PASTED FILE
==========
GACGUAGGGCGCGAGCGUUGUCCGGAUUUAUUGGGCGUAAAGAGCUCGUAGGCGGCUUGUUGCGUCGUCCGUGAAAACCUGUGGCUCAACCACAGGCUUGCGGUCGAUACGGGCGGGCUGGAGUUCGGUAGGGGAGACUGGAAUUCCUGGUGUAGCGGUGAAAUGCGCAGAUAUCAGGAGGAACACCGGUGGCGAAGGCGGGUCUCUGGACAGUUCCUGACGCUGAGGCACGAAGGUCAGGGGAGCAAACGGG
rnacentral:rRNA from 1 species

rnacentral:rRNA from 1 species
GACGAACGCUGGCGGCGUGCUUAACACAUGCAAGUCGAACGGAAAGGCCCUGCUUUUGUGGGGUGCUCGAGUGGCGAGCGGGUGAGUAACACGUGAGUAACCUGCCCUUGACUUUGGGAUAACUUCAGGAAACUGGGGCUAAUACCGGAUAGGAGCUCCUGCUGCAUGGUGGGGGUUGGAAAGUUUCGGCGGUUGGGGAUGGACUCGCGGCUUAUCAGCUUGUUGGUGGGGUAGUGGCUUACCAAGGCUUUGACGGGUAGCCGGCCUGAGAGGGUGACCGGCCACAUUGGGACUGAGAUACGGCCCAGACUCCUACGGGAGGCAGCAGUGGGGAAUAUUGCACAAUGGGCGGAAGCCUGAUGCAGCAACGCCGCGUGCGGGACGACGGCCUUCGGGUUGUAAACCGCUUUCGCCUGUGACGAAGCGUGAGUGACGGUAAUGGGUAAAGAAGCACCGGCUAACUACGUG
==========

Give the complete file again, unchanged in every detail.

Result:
GACGUAGGGCGCGAGCGUUGUCCGGAUUUAUUGGGCGUAAAGAGCUCGUAGGCGGCUUGUUGCGUCGUCCGUGAAAACCUGUGGCUCAACCACAGGCUUGCGGUCGAUACGGGCGGGCUGGAGUUCGGUAGGGGAGACUGGAAUUCCUGGUGUAGCGGUGAAAUGCGCAGAUAUCAGGAGGAACACCGGUGGCGAAGGCGGGUCUCUGGACAGUUCCUGACGCUGAGGCACGAAGGUCAGGGGAGCAAACGGG
rnacentral:rRNA from 1 species

rnacentral:rRNA from 1 species
GACGAACGCUGGCGGCGUGCUUAACACAUGCAAGUCGAACGGAAAGGCCCUGCUUUUGUGGGGUGCUCGAGUGGCGAGCGGGUGAGUAACACGUGAGUAACCUGCCCUUGACUUUGGGAUAACUUCAGGAAACUGGGGCUAAUACCGGAUAGGAGCUCCUGCUGCAUGGUGGGGGUUGGAAAGUUUCGGCGGUUGGGGAUGGACUCGCGGCUUAUCAGCUUGUUGGUGGGGUAGUGGCUUACCAAGGCUUUGACGGGUAGCCGGCCUGAGAGGGUGACCGGCCACAUUGGGACUGAGAUACGGCCCAGACUCCUACGGGAGGCAGCAGUGGGGAAUAUUGCACAAUGGGCGGAAGCCUGAUGCAGCAACGCCGCGUGCGGGACGACGGCCUUCGGGUUGUAAACCGCUUUCGCCUGUGACGAAGCGUGAGUGACGGUAAUGGGUAAAGAAGCACCGGCUAACUACGUG